BELFAST, Maine — For a quarter century, Maine Seacoast Mission’s ship Sunbeam V has brought telemedicine, meals, fellowship, care and cups of coffee to the people who live in Maine’s year-round island communities.
But for the last year and a half, the steel-hulled ship with the white cross on the prow has been absent from coastal waters as it underwent a $1.5 million refit at Front Street Shipyard in Belfast.
Now, the Sunbeam is all spruced up and ready to get back to work. The ship returned to its home port in Northeast Harbor on Friday afternoon, the last leg of its journey marked by a boat parade. Just a few days after that, the vessel will head to the islands so the crew can provide a flu-shot clinic for islanders.
“We’re all really thrilled to have her back,” said John Zavodny, president of the Bar Harbor-based nonprofit. “It’s the best of both worlds: we have our boat back, and she’s the Sunbeam from bow to stern, but completely updated and so much better than new.”
When it came to the Front Street Shipyard in May 2019, workers knew there was visible rust in the bilge area at the bottom of the boat. They planned to rip out the boat’s cabins, sand blast the steel, paint the internal sections with marine epoxy and update the ship’s equipment and cosmetics, and the hope was to have it done by Christmas.
But as with so many renovation projects, once the work crews got started, they found more problems lurking under the walls. The exterior of the boat was OK, but inside, the metal had rusted beyond anyone’s expectations.
“You have hot days, with the sun beating down on a steel boat, and cold nights, with condensation inside due to aging insulation,” said Graham Fitch, Front Street Shipyard’s project manager for the Sunbeam.
They ended up “gutting the whole thing,” he said. Workers first did extensive sandblasting to remove the rust, then replaced the 2-inch fiberglass insulation with 2-inch mineral wool insulation and a 1-inch blue board on top of that, providing a much higher R-value to the boat. They also added a vapor barrier to keep condensation at bay.
The rust wasn’t a safety problem — but it would have been eventually, Fitch said. “If we had left it alone, it would have become a structural issue.”
In addition, Front Street crews upgraded or replaced nearly all of the Sunbeam’s mechanical and electrical systems and rebuilt the galley, salon and cabins to be more modern and comfortable.
Five crew members, the captain, engineer, steward, nurse and community outreach director, live aboard the boat, which serves the islands of Frenchboro, Great Cranberry, Isle au Haut, Islesboro, Islesford, Matinicus, Monhegan, North Haven, Swan’s Island and Vinalhaven.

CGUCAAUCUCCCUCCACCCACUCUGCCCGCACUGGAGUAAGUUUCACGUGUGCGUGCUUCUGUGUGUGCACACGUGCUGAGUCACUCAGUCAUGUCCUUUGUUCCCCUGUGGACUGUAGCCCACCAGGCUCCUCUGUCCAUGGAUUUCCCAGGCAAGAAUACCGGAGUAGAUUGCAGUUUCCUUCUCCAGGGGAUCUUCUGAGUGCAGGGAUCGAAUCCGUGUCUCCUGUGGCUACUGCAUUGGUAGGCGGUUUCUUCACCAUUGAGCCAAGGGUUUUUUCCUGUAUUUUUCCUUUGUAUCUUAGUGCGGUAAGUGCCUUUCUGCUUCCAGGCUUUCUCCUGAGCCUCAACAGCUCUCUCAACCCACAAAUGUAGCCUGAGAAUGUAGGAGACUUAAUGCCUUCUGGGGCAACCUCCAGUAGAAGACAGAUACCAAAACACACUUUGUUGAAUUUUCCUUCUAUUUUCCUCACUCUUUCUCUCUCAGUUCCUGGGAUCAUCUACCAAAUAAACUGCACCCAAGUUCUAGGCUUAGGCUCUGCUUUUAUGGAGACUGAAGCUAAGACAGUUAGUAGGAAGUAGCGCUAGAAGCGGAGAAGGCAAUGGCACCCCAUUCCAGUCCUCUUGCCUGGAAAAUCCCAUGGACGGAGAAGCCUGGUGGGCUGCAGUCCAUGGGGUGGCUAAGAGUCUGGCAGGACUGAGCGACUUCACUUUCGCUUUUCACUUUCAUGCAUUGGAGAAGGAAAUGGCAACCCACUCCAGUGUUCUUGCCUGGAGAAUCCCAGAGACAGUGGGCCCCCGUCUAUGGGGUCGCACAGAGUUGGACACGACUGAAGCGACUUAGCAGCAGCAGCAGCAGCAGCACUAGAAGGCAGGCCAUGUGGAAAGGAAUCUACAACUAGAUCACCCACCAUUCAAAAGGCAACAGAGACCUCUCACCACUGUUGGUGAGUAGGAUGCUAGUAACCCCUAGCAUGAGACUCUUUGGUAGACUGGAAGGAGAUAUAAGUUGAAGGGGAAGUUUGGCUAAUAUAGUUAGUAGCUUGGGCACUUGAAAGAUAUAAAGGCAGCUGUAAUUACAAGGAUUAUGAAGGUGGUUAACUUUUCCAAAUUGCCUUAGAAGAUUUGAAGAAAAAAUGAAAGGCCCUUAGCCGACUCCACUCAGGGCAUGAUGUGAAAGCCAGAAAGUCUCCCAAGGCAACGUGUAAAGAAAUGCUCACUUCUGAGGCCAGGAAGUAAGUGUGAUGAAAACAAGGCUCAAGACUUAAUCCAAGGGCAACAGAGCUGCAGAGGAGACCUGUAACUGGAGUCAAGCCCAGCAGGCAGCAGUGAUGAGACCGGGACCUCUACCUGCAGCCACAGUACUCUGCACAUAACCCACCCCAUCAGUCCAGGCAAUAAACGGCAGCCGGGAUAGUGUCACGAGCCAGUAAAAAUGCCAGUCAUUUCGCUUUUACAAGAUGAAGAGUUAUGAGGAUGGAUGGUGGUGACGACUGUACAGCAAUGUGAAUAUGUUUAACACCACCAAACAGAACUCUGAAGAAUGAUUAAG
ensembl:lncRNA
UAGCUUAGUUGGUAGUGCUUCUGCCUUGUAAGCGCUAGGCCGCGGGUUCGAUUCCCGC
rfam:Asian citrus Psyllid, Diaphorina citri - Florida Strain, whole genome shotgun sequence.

When crew members move back in, they’ll find cabins that seem a bit roomier because the little-used permanent upper bunks have been replaced by removable ones, and heads, or bathrooms, that also have been modernized.
“The focus was to make crew accommodations more comfortable for everyone,” Fitch said.
On the bridge, where the captain sits, the electronic equipment also has been updated and replaced with state-of-the-art gear. Another upgrade, Fitch said, is that the crew members no longer will need to use a hose to douse the front windows with hot water when they ice up in the wintertime. All the boat’s windows have been replaced, and the front windows are heated so will not need to be scraped clear anymore.
Front Street Shipyard crew members, who were putting the finishing touches on the Sunbeam this week, said it’s been a pleasure to work on the boat.
“It’s nice to work on a project that’s going to stay here in Maine, and go to the islands, which really need this boat,” Fitch said.
When islanders are able to come back aboard the boat — something that can’t happen right away because of COVID-19 — they will not find it changed beyond recognition.
Far from it, Zavodny said, adding that it will still be the same Sunbeam they know and love.
He told the story of one of the first community meals he attended on the boat after he was named president of the Seacoast Mission in 2019.
“A little guy, a toddler, comes in and starts saying, ‘Pirate ship! Pirate ship!’ And his mom said, ‘OK, honey,’” he said.
The little boy walked across the salon, opened the cupboards and pulled out a pirate ship, which he played with happily for the rest of the meal.
“For this 2- or 3-year-old, this was the Sunbeam,” Zavodny said. “It shows me the level of comfort. It’s their living room and family, all in one. The Sunbeam, in many ways, is the boat of the islands. They love it. They feel so comfortable here.”